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SNX32 is a host restriction factor that degrades African swine fever virus CP204L via the RAB1B-dependent autophagy pathway

Authors
  • Yang, Wenping
  • Li, Lingxia
  • Zhang, Jing
  • Wu, Junhuang
  • Kang, Weifang
  • Wang, Yue
  • Ding, Haiyan
  • Li, Dan
  • Zheng, Haixue
Type
Published Article
Journal
Journal of Virology
Publisher
American Society for Microbiology
Publication Date
Jan 03, 2024
Volume
98
Issue
1
Identifiers
DOI: 10.1128/jvi.01599-23
Source
ASM Journals
Keywords
License
Green

Abstract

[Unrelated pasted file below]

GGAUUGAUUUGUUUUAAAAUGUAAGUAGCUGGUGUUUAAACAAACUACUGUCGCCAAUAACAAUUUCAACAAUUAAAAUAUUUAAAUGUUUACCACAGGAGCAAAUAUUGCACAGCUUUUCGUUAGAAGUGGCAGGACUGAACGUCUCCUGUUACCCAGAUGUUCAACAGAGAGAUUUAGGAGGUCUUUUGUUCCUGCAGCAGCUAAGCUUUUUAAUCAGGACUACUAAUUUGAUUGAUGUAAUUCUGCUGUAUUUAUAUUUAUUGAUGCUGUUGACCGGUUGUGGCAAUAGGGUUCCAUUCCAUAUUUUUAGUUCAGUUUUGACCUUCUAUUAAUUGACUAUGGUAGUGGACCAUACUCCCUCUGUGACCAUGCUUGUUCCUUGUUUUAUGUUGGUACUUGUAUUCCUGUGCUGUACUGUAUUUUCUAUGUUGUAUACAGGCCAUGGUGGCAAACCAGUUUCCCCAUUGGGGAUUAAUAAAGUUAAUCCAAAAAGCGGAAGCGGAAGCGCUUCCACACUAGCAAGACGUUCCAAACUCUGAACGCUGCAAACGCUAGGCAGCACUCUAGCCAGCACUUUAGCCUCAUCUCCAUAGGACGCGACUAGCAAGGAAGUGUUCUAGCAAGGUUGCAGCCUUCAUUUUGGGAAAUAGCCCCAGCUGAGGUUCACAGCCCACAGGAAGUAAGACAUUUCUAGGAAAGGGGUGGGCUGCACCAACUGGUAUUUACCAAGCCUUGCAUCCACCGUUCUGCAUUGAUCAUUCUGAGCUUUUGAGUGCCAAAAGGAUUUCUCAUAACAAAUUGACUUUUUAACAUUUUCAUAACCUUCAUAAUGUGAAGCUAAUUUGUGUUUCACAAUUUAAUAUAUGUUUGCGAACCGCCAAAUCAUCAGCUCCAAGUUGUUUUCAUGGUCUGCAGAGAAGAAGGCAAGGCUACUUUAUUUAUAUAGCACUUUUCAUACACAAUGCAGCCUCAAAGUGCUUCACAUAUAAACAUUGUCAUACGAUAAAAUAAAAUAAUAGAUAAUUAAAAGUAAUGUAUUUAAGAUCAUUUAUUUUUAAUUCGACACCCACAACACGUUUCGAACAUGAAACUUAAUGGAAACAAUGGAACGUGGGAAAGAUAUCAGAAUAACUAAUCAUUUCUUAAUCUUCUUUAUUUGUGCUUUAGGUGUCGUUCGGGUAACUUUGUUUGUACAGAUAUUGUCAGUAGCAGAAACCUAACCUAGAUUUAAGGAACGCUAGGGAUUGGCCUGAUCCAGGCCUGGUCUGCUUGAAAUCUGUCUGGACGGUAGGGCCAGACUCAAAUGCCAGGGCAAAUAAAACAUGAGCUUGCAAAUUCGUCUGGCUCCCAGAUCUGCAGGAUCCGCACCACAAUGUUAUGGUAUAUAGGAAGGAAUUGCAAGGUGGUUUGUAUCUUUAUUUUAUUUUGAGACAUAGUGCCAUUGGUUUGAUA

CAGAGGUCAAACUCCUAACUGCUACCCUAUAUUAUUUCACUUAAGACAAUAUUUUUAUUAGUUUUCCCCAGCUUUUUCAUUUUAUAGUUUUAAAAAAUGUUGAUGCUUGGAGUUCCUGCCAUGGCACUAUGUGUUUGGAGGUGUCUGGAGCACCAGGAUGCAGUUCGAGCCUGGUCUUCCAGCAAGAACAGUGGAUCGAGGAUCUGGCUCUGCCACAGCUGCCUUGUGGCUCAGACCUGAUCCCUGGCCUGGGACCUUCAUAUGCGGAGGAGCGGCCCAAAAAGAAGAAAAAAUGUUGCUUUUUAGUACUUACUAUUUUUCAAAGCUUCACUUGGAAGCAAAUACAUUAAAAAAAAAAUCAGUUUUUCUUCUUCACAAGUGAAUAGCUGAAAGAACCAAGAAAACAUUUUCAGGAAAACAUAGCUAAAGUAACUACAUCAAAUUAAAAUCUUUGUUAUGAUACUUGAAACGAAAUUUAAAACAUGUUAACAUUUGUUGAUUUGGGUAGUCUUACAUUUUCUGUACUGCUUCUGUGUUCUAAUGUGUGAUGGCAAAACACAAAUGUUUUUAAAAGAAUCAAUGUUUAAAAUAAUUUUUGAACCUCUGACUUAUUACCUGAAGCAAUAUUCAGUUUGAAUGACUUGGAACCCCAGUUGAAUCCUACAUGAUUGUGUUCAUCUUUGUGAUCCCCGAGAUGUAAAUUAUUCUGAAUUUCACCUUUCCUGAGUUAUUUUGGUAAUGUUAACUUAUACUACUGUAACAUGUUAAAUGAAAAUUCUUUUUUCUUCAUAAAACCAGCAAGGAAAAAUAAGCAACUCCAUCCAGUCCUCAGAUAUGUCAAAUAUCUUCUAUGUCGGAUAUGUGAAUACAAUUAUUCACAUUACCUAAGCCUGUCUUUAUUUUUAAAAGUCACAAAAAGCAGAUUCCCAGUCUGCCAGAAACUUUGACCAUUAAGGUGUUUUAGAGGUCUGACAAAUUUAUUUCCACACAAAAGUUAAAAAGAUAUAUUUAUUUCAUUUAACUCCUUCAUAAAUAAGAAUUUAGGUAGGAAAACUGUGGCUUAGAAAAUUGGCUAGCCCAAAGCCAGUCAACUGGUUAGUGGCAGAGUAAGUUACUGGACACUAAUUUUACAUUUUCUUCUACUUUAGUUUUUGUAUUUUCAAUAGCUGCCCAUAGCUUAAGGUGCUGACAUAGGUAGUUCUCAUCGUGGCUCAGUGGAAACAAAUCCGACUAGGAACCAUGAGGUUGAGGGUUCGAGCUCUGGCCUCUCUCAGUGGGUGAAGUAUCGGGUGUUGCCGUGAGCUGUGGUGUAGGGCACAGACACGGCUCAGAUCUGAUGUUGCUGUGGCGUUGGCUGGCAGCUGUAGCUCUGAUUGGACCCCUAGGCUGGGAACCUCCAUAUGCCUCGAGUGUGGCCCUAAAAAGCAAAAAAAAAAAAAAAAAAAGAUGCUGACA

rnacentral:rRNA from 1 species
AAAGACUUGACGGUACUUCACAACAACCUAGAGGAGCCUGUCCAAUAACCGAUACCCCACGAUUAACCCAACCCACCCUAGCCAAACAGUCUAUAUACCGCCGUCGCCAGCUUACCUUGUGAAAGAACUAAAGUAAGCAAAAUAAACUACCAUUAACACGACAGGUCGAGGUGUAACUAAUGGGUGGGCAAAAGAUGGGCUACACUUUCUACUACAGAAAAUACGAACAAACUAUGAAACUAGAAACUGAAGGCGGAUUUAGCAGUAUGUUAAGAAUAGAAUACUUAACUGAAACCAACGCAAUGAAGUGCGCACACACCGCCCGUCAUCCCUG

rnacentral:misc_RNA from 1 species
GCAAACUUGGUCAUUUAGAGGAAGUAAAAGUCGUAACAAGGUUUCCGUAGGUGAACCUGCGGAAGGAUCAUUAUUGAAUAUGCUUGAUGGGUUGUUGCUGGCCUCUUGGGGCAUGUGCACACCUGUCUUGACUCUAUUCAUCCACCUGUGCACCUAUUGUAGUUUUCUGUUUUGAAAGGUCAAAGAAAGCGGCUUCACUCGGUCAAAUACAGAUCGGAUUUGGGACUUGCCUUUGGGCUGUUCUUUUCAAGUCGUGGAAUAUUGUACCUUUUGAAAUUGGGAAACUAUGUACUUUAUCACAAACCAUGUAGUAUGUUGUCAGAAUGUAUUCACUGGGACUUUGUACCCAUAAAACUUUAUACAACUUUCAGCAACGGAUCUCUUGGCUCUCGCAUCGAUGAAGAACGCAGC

African swine fever (ASF) is a highly contagious and acute hemorrhagic viral disease with a high mortality near 100% in domestic pigs. ASF virus (ASFV), which is the only member of the family Asfarviridae, is a dsDNA virus of great complexity and size, encoding more than 150 proteins. Currently, there are no available vaccines against ASFV. ASFV CP204L represents the most abundantly expressed viral protein early in infection and plays an important role in regulating ASFV replication. However, the mechanism by which the interaction between ASFV CP204L and host proteins affects ASFV replication remains unclear. In this study, we demonstrated that the cellular protein SNX32 interacted with CP204L and degraded CP204L by upregulating the autophagy-related protein RAB1B. In summary, this study will help us understand the interaction mechanism between CP204L and its host upon infection and provide new insights for the development of vaccines and antiviral drugs.

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